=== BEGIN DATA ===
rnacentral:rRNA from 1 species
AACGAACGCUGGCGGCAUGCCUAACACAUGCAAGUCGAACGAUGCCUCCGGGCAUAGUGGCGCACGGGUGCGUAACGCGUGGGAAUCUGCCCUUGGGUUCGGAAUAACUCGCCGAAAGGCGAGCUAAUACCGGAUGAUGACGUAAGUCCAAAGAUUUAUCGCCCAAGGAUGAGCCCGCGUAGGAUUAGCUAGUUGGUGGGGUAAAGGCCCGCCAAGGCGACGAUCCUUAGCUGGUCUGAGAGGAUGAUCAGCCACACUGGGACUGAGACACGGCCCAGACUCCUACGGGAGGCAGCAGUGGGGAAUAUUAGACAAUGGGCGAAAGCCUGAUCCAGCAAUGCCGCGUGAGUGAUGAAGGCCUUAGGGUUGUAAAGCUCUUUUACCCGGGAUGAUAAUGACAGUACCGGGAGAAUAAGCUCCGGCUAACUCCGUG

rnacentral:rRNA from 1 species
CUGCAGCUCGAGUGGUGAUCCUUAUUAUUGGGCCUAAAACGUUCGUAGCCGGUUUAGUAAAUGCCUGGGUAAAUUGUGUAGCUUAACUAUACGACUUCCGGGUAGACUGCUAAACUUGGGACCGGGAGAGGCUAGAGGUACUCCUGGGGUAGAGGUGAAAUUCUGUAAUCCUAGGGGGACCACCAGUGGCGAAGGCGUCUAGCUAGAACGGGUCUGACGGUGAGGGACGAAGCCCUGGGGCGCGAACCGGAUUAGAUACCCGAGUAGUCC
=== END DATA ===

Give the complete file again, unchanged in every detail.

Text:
rnacentral:rRNA from 1 species
AACGAACGCUGGCGGCAUGCCUAACACAUGCAAGUCGAACGAUGCCUCCGGGCAUAGUGGCGCACGGGUGCGUAACGCGUGGGAAUCUGCCCUUGGGUUCGGAAUAACUCGCCGAAAGGCGAGCUAAUACCGGAUGAUGACGUAAGUCCAAAGAUUUAUCGCCCAAGGAUGAGCCCGCGUAGGAUUAGCUAGUUGGUGGGGUAAAGGCCCGCCAAGGCGACGAUCCUUAGCUGGUCUGAGAGGAUGAUCAGCCACACUGGGACUGAGACACGGCCCAGACUCCUACGGGAGGCAGCAGUGGGGAAUAUUAGACAAUGGGCGAAAGCCUGAUCCAGCAAUGCCGCGUGAGUGAUGAAGGCCUUAGGGUUGUAAAGCUCUUUUACCCGGGAUGAUAAUGACAGUACCGGGAGAAUAAGCUCCGGCUAACUCCGUG

rnacentral:rRNA from 1 species
CUGCAGCUCGAGUGGUGAUCCUUAUUAUUGGGCCUAAAACGUUCGUAGCCGGUUUAGUAAAUGCCUGGGUAAAUUGUGUAGCUUAACUAUACGACUUCCGGGUAGACUGCUAAACUUGGGACCGGGAGAGGCUAGAGGUACUCCUGGGGUAGAGGUGAAAUUCUGUAAUCCUAGGGGGACCACCAGUGGCGAAGGCGUCUAGCUAGAACGGGUCUGACGGUGAGGGACGAAGCCCUGGGGCGCGAACCGGAUUAGAUACCCGAGUAGUCC